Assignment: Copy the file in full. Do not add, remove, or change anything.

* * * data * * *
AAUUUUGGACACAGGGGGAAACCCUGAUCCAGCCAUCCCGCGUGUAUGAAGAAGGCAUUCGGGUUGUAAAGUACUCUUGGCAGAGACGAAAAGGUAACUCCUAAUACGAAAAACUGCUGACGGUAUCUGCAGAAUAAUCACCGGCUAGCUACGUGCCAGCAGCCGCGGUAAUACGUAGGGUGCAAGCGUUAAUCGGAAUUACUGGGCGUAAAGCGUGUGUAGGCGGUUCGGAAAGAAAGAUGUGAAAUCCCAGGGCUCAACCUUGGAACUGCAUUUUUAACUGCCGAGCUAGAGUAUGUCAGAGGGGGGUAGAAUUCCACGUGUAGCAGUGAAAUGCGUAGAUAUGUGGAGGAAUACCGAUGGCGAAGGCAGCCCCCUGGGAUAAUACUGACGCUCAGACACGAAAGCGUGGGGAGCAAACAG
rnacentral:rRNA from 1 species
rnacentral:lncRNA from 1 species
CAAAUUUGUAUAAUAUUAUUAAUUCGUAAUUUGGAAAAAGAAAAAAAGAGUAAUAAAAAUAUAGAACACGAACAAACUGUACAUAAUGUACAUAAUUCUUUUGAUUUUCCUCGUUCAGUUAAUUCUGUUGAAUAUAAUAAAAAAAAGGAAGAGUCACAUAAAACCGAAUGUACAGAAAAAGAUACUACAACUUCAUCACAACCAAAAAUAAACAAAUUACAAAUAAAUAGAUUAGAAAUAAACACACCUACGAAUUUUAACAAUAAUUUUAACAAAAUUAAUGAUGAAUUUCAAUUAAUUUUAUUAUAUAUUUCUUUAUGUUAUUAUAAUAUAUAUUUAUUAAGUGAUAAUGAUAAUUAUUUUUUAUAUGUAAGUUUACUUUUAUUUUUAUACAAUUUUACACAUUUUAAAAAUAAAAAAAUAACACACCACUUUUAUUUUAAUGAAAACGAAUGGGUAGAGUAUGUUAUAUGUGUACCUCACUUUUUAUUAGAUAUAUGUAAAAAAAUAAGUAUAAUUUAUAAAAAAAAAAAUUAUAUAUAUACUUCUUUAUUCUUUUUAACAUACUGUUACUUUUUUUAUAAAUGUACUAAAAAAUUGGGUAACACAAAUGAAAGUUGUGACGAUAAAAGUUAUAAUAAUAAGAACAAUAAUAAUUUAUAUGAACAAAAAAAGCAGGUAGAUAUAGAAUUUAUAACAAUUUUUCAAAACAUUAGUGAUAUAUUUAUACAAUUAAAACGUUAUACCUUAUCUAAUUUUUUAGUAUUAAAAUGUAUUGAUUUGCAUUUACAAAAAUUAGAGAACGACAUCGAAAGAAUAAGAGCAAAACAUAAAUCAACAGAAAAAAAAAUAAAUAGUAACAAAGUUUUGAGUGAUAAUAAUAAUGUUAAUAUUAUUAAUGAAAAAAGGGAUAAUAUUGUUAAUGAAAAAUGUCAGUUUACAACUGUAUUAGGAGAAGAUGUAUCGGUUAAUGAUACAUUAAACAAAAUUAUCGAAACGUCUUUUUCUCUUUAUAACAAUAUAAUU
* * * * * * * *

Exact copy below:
AAUUUUGGACACAGGGGGAAACCCUGAUCCAGCCAUCCCGCGUGUAUGAAGAAGGCAUUCGGGUUGUAAAGUACUCUUGGCAGAGACGAAAAGGUAACUCCUAAUACGAAAAACUGCUGACGGUAUCUGCAGAAUAAUCACCGGCUAGCUACGUGCCAGCAGCCGCGGUAAUACGUAGGGUGCAAGCGUUAAUCGGAAUUACUGGGCGUAAAGCGUGUGUAGGCGGUUCGGAAAGAAAGAUGUGAAAUCCCAGGGCUCAACCUUGGAACUGCAUUUUUAACUGCCGAGCUAGAGUAUGUCAGAGGGGGGUAGAAUUCCACGUGUAGCAGUGAAAUGCGUAGAUAUGUGGAGGAAUACCGAUGGCGAAGGCAGCCCCCUGGGAUAAUACUGACGCUCAGACACGAAAGCGUGGGGAGCAAACAG
rnacentral:rRNA from 1 species
rnacentral:lncRNA from 1 species
CAAAUUUGUAUAAUAUUAUUAAUUCGUAAUUUGGAAAAAGAAAAAAAGAGUAAUAAAAAUAUAGAACACGAACAAACUGUACAUAAUGUACAUAAUUCUUUUGAUUUUCCUCGUUCAGUUAAUUCUGUUGAAUAUAAUAAAAAAAAGGAAGAGUCACAUAAAACCGAAUGUACAGAAAAAGAUACUACAACUUCAUCACAACCAAAAAUAAACAAAUUACAAAUAAAUAGAUUAGAAAUAAACACACCUACGAAUUUUAACAAUAAUUUUAACAAAAUUAAUGAUGAAUUUCAAUUAAUUUUAUUAUAUAUUUCUUUAUGUUAUUAUAAUAUAUAUUUAUUAAGUGAUAAUGAUAAUUAUUUUUUAUAUGUAAGUUUACUUUUAUUUUUAUACAAUUUUACACAUUUUAAAAAUAAAAAAAUAACACACCACUUUUAUUUUAAUGAAAACGAAUGGGUAGAGUAUGUUAUAUGUGUACCUCACUUUUUAUUAGAUAUAUGUAAAAAAAUAAGUAUAAUUUAUAAAAAAAAAAAUUAUAUAUAUACUUCUUUAUUCUUUUUAACAUACUGUUACUUUUUUUAUAAAUGUACUAAAAAAUUGGGUAACACAAAUGAAAGUUGUGACGAUAAAAGUUAUAAUAAUAAGAACAAUAAUAAUUUAUAUGAACAAAAAAAGCAGGUAGAUAUAGAAUUUAUAACAAUUUUUCAAAACAUUAGUGAUAUAUUUAUACAAUUAAAACGUUAUACCUUAUCUAAUUUUUUAGUAUUAAAAUGUAUUGAUUUGCAUUUACAAAAAUUAGAGAACGACAUCGAAAGAAUAAGAGCAAAACAUAAAUCAACAGAAAAAAAAAUAAAUAGUAACAAAGUUUUGAGUGAUAAUAAUAAUGUUAAUAUUAUUAAUGAAAAAAGGGAUAAUAUUGUUAAUGAAAAAUGUCAGUUUACAACUGUAUUAGGAGAAGAUGUAUCGGUUAAUGAUACAUUAAACAAAAUUAUCGAAACGUCUUUUUCUCUUUAUAACAAUAUAAUU